Myanmar's army has regained control of a central city where several days of clashes between Buddhists and Muslims left dozens of people dead and scores of buildings in flames.
Truckloads of soldiers could be seen on Saturday patrolling Meikhtila and taking up positions at intersections and banks.
"Calm has been restored after troops have taken charge of security," said Win Htein, an opposition legislator from Meikhtila.
"So far, nearly 6,000 Muslim people have been relocated at a stadium and a police station for their safety."
Some residents, who had cowered in their homes for days since the mayhem began on Wednesday, started venturing out on the streets to take in the destruction.
The violence is the worst sectarian bloodshed to hit the Southeast Asian nation this year.
Thein Sein, Myanmar's president, imposed a state of emergency in the region on Friday in a bid to stop the unrest from spreading.
The violence, the first of its kind reported in Myanmar since a wave of bloodshed shook western Rakhine state twice last year, underscored the government's failure to rein in anti-Muslim sentiment in the predominantly Buddhist country.
It was not immediately clear which side bore the brunt of the latest unrest, but terrified Muslims, who make about 30 percent of Meikhtila's 100,000 inhabitants, stayed off the streets on Friday.
Many had their shops and homes burned and some angry Buddhist residents and monks tried to stop firefighters from dousing the blazes.
Riot police crisscrossed town seizing machetes and hammers from enraged Buddhist mobs.
At least five mosques were torched and thousands of terrified Muslims have fled their homes, escorted to safety by police to two make-shift camps. Some Buddhists, meanwhile, have sought shelter at local monasteries.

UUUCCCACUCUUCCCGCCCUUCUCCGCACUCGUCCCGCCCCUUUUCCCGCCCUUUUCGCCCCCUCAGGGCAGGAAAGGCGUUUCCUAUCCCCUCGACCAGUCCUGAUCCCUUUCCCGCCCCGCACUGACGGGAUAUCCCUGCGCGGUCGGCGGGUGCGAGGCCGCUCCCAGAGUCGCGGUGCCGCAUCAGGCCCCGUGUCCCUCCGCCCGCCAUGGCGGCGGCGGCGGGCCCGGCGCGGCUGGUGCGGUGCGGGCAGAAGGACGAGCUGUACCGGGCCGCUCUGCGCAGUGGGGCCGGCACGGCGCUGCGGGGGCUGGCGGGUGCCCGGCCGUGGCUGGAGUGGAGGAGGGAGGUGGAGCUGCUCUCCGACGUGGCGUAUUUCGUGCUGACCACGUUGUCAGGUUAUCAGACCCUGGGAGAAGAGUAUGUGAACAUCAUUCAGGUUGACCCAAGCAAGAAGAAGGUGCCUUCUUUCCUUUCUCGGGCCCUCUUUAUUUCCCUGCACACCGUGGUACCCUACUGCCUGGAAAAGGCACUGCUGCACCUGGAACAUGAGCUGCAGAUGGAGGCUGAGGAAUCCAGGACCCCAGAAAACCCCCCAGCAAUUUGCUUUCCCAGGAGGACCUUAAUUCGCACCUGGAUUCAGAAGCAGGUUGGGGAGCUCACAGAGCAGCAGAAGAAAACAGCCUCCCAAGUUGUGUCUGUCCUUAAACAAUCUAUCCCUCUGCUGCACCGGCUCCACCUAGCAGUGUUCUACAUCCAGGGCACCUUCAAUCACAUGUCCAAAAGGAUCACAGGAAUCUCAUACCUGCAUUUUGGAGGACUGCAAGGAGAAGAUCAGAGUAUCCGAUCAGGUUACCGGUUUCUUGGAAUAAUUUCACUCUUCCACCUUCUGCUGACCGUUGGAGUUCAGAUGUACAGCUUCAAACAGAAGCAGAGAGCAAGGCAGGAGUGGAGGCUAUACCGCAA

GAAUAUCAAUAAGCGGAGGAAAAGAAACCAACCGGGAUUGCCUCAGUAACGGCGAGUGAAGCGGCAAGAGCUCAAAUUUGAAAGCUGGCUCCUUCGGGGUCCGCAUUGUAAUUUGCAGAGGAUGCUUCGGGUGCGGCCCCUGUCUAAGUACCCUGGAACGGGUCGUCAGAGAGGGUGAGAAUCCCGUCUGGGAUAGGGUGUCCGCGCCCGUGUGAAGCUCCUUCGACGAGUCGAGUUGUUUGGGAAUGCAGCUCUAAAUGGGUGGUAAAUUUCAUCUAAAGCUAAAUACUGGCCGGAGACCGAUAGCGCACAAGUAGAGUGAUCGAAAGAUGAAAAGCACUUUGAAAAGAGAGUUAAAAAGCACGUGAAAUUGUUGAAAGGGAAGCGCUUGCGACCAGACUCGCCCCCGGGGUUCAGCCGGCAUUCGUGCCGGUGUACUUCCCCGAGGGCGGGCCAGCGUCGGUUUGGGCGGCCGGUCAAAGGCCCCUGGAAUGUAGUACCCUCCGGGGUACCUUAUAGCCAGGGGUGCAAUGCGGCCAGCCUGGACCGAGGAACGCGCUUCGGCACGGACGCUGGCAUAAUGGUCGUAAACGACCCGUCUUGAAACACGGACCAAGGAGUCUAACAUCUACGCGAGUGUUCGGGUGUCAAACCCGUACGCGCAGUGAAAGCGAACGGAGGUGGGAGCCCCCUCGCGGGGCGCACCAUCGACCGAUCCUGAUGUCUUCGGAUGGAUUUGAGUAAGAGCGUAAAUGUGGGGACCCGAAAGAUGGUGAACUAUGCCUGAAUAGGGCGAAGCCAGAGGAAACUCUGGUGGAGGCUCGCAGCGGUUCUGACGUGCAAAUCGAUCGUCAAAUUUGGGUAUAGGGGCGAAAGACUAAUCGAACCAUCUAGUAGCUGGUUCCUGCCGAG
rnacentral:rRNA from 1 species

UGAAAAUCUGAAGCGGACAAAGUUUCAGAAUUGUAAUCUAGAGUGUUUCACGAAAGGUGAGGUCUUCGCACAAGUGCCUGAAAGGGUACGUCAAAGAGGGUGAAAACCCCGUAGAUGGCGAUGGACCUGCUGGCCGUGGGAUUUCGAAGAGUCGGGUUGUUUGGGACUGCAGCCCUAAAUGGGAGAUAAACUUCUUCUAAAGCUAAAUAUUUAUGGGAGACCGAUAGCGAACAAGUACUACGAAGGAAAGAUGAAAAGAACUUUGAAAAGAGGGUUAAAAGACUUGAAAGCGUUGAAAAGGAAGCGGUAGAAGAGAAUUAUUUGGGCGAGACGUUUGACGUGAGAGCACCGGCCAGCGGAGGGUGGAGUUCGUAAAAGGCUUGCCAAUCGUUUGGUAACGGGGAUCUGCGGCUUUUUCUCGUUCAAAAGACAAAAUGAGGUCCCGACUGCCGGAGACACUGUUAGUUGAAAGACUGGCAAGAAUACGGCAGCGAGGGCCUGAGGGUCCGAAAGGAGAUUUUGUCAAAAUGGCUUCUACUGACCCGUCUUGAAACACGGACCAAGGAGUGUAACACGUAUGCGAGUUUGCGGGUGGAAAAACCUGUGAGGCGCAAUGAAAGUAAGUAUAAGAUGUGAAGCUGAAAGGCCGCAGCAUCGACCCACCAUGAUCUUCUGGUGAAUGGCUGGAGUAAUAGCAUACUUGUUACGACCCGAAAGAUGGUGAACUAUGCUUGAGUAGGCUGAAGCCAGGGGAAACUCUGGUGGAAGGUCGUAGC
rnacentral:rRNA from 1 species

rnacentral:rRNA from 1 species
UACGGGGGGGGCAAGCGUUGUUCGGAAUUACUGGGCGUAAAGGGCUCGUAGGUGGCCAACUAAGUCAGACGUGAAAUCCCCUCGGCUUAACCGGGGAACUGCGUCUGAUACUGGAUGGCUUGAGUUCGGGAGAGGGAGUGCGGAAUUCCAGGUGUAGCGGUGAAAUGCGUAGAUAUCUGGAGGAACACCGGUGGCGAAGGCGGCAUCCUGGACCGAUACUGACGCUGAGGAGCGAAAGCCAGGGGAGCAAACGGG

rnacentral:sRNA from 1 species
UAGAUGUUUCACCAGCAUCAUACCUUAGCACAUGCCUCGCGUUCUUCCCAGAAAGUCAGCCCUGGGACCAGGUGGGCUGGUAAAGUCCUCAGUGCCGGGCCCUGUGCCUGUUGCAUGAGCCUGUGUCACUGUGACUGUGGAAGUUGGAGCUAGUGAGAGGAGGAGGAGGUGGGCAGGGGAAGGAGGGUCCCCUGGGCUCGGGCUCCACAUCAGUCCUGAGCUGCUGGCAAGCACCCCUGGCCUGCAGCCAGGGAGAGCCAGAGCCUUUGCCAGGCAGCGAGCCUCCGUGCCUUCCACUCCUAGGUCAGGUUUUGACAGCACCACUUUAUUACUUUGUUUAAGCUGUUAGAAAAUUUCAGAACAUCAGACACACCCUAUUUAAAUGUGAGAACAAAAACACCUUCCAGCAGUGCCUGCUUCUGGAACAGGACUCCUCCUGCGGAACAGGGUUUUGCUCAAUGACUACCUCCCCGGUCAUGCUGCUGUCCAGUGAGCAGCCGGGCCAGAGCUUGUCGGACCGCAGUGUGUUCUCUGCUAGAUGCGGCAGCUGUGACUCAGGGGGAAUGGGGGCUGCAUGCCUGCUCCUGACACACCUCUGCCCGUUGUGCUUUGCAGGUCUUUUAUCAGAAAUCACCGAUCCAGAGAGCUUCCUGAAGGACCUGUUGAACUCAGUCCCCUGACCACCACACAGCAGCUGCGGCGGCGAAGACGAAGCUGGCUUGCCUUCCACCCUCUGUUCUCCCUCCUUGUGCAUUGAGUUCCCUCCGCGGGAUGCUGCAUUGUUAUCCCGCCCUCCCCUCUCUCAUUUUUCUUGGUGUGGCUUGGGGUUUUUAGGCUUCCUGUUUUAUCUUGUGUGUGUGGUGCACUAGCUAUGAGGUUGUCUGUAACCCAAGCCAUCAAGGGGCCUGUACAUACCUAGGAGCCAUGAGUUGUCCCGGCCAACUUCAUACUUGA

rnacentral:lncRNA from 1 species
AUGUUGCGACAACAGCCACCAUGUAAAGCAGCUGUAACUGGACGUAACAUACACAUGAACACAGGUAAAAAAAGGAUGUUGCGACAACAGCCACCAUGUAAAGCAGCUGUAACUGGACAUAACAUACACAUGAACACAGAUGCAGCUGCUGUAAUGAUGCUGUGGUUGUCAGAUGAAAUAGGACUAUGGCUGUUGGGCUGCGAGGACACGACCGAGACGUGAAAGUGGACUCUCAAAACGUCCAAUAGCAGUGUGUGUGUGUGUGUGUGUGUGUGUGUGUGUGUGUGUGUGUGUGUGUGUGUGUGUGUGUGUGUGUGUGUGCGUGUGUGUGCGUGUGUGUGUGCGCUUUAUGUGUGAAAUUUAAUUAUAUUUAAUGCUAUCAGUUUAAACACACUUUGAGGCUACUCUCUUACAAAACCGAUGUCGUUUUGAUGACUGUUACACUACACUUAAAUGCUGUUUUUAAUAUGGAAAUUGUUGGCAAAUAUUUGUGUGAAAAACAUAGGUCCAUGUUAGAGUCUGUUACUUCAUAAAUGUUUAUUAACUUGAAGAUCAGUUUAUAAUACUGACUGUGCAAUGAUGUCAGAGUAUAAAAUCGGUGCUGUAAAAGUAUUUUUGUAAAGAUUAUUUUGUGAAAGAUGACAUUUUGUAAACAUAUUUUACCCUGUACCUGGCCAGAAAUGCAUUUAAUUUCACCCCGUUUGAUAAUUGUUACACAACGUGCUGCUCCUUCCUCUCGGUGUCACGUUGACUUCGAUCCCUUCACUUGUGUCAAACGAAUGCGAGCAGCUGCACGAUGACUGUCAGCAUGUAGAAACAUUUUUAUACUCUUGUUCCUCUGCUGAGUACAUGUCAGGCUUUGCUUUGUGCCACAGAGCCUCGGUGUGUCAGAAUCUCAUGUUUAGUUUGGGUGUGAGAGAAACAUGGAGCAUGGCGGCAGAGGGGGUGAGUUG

Little appeared to be left of some palm tree-lined neighborhoods, where whole plots were reduced to smouldering masses of twisted debris and ash.
Broken glass, destroyed motorcycles and overturned tables littered roads beside rows of burnt-out homes and shops, evidence of the widespread chaos of the last two days.
Residents described gruesome scenes. Local businessman San Hlaing said he counted 28 bodies this week and had seen blackened corpses burning in piles.
The government's struggle to contain the violence is proving another major challenge to Sein's reformist administration as it attempts to chart a path to democracy after nearly half a century of military rule that once crushed all dissent.
Thein Sein took office two years ago this month, and despite ushering in an era of reform, he has faced violence in Rakhine state and an upsurge in fighting with ethnic Kachin rebels in the north.
The government has also had to deal with major protests at a northern copper mine where angry residents - emboldened by promises of freedom of expression - have come out to denounce land grabbing.